The measure was advertised as a means of protecting election integrity. Opponents said it would disenfranchise voters by the thousands.
Polls released over the weekend show that the voter ID constitutional amendment is now in an extremely tight race, and campaigns on both sides are working hard to make sure their supporters turn out Tuesday.
Minnesota voters will decide whether they want to use the state constitution to make significant changes in state election law.
The two hotly contested constitutional amendment questions on the statewide ballot in November could end up being decided by razor-thin margins, but neither result would be subject to an automatic recount.
The proposed requirement for voters to show photo identification at polls is either a common sense protection or a costly and confusing measure that's too harsh for enshrinement in the state constitution. Two of Minnesota's lawmakers publicly debated the issue Tuesday evening.
"Vote No Twice," an effort to urge voters to reject the constitutional amendments on the ballot next week, is a grass-roots campaign, and the groups that are organized to defeat the amendments say they have no plan to adopt a similar ad campaign.
Another state official is coming under fire for publicly opposing the two constitutional amendments on the November ballot. Human Rights Commissioner Kevin Lindsey has been traveling the state speaking out against the amendment.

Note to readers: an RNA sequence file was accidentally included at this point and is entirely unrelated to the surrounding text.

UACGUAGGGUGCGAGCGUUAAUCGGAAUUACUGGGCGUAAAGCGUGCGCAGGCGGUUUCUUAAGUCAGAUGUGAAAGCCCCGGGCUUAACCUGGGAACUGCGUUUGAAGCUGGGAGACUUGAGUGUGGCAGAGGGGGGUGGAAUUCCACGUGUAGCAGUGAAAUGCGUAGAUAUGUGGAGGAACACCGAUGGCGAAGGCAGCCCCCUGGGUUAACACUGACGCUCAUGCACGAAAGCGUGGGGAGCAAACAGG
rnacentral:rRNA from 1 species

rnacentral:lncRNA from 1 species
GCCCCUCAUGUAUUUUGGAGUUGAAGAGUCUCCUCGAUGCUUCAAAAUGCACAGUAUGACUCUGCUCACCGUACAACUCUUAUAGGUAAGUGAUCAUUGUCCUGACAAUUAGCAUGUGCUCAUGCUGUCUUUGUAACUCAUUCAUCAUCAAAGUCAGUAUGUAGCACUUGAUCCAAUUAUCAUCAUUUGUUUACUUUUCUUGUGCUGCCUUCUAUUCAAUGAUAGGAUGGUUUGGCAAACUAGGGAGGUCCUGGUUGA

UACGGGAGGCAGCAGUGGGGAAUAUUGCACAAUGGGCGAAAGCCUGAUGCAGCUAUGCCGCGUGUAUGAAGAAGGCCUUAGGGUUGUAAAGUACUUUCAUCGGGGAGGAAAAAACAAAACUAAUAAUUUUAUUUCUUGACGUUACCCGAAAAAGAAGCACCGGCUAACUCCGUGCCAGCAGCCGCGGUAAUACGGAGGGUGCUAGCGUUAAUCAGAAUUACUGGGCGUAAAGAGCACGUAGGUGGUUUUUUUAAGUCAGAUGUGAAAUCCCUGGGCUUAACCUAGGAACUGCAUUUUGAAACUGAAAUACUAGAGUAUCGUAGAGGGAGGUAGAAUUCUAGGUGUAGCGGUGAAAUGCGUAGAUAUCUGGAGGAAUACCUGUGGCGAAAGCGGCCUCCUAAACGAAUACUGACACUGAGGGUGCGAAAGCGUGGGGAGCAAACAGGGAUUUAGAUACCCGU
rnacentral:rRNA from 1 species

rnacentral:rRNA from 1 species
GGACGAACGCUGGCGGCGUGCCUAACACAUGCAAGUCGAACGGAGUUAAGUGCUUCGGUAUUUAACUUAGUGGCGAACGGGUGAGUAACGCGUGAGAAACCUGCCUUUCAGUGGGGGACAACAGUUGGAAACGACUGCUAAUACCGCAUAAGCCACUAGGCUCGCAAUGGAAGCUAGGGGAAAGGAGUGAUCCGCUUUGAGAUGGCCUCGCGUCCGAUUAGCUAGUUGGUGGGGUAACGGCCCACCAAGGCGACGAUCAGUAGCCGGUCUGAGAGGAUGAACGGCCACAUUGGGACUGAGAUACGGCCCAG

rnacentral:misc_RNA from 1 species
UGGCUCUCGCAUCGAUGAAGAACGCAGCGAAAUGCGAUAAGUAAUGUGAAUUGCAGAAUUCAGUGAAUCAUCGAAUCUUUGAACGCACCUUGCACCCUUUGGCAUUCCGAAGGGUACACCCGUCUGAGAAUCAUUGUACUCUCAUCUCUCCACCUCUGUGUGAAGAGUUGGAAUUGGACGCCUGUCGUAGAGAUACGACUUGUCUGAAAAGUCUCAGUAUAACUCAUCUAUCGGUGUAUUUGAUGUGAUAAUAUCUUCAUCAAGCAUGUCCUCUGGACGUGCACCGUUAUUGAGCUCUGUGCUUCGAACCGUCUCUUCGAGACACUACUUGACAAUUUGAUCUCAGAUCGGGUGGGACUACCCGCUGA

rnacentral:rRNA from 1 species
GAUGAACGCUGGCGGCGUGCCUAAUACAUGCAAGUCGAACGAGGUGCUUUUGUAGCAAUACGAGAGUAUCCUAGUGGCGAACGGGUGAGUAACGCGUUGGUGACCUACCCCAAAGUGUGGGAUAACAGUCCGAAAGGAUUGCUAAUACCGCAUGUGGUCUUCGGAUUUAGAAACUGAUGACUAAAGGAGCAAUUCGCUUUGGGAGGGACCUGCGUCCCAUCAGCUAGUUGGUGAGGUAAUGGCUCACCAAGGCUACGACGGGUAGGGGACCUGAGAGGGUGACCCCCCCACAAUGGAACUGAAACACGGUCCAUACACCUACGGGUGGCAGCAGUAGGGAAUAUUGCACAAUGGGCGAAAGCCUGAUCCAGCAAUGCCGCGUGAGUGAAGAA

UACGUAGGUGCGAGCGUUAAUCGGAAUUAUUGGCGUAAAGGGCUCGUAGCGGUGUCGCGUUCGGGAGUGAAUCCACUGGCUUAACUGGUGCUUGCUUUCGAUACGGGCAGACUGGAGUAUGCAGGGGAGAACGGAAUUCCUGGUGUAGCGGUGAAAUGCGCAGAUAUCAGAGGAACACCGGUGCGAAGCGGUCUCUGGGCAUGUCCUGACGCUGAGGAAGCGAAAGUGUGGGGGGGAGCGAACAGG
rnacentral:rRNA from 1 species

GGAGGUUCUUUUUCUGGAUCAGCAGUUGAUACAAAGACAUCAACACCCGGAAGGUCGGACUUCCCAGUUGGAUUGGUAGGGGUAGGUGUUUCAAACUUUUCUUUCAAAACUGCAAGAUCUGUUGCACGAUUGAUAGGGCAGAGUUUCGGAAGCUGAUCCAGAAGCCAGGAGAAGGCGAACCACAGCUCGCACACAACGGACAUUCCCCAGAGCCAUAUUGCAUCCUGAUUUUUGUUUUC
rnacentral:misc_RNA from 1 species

With less than two weeks until Election Day, a flurry of charges and countercharges flew today in the debate over the voter ID constitutional amendment.
College students from throughout the state gathered at the University of Minnesota today to speak out against the voter ID constitutional amendment.
The push for a voter ID requirement has been a deeply partisan battle, so much so that -- if a proposed constitutional amendment passes -- many of the specifics in next year's legislation could hinge on which party wins control of the House and Senate.
DFL challenger Brian Barnes in the race for the 3rd District House seat took a rare debate opportunity today to try to gain ground against incumbent Republican Rep. Erik Paulsen.
Opponents of a proposed voter ID amendment say the requirement would make it difficult for thousands of people to cast a ballot. They say senior citizens are among those most likely to face hurdles. Supporters of voter ID say it's just not that hard to acquire identification.
Military veterans have moved front and center in the debate over Minnesota's voter ID constitutional amendment.
For voter ID supporters, veterans are a symbol to sell their message of election integrity. Opponents have turned to veterans to point out the potential problems that soldiers could face when they try to vote.
Two Republican lawmakers say they think DFL Secretary of State Mark Ritchie has gone too far in his criticism of Minnesota's voter ID constitutional amendment, which is on the November ballot.
Many opponents of a proposed state constitutional amendment that would require voters to present photo identification at the polls say it unfairly deters minorities, the elderly and students from voting, and amounts to an effort aimed at suppressing support from traditionally Democratic constituencies.